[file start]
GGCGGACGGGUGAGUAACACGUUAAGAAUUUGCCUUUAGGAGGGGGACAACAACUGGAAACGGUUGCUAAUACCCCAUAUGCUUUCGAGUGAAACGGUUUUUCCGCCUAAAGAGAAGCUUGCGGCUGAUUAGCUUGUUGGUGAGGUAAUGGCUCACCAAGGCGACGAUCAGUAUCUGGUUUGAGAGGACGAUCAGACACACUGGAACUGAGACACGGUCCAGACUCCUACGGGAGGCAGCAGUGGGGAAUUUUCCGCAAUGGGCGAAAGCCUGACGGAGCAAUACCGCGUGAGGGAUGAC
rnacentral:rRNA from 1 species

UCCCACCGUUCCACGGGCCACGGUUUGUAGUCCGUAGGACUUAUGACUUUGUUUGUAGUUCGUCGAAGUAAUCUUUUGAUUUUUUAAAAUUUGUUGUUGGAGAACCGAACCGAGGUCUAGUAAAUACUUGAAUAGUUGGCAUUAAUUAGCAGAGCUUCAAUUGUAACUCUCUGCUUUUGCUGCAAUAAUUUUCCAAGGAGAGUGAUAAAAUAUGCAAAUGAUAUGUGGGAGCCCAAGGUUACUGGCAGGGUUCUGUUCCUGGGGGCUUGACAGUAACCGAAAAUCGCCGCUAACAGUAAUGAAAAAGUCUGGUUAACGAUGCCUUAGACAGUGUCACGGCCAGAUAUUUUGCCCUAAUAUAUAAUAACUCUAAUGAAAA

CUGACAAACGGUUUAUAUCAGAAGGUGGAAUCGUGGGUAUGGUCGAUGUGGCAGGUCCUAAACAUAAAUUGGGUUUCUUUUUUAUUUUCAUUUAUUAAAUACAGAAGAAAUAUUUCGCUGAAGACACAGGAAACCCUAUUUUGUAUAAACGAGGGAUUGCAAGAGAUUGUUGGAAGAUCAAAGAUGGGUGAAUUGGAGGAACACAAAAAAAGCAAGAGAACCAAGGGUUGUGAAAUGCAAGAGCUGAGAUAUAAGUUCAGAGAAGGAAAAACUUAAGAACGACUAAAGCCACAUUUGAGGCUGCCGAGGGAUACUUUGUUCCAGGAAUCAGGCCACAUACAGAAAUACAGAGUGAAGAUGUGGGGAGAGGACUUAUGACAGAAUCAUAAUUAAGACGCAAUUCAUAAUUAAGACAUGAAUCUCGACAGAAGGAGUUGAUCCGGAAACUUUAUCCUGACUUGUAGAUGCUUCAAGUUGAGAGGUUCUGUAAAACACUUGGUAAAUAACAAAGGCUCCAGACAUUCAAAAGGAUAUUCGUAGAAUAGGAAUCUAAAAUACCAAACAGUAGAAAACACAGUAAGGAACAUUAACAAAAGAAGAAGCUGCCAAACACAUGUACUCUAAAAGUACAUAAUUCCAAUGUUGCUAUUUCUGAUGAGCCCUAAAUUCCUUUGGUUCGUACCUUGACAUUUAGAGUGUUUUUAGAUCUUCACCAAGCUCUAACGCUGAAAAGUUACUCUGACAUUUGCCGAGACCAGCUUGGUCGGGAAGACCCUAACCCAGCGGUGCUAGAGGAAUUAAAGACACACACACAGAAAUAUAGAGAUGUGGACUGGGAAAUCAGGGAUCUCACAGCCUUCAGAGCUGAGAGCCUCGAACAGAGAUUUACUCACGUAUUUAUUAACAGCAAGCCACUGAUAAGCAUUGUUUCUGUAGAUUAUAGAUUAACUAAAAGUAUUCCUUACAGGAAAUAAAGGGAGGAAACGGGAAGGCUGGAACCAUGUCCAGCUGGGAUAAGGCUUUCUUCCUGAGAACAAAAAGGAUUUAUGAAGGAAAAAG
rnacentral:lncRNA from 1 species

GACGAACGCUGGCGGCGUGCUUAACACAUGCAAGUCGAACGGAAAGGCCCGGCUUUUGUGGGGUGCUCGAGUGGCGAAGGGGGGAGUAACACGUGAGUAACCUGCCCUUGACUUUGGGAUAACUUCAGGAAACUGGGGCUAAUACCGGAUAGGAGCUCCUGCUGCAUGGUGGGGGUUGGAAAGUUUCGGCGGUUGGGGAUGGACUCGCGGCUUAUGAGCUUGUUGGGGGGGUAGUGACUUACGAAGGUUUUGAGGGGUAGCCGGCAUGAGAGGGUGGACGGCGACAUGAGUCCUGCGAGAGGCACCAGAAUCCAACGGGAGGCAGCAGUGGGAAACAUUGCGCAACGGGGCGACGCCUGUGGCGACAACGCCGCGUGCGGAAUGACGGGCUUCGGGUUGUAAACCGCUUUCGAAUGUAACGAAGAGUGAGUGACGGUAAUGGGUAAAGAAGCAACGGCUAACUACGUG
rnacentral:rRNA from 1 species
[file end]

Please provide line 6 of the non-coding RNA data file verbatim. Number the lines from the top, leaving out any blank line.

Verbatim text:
GACGAACGCUGGCGGCGUGCUUAACACAUGCAAGUCGAACGGAAAGGCCCGGCUUUUGUGGGGUGCUCGAGUGGCGAAGGGGGGAGUAACACGUGAGUAACCUGCCCUUGACUUUGGGAUAACUUCAGGAAACUGGGGCUAAUACCGGAUAGGAGCUCCUGCUGCAUGGUGGGGGUUGGAAAGUUUCGGCGGUUGGGGAUGGACUCGCGGCUUAUGAGCUUGUUGGGGGGGUAGUGACUUACGAAGGUUUUGAGGGGUAGCCGGCAUGAGAGGGUGGACGGCGACAUGAGUCCUGCGAGAGGCACCAGAAUCCAACGGGAGGCAGCAGUGGGAAACAUUGCGCAACGGGGCGACGCCUGUGGCGACAACGCCGCGUGCGGAAUGACGGGCUUCGGGUUGUAAACCGCUUUCGAAUGUAACGAAGAGUGAGUGACGGUAAUGGGUAAAGAAGCAACGGCUAACUACGUG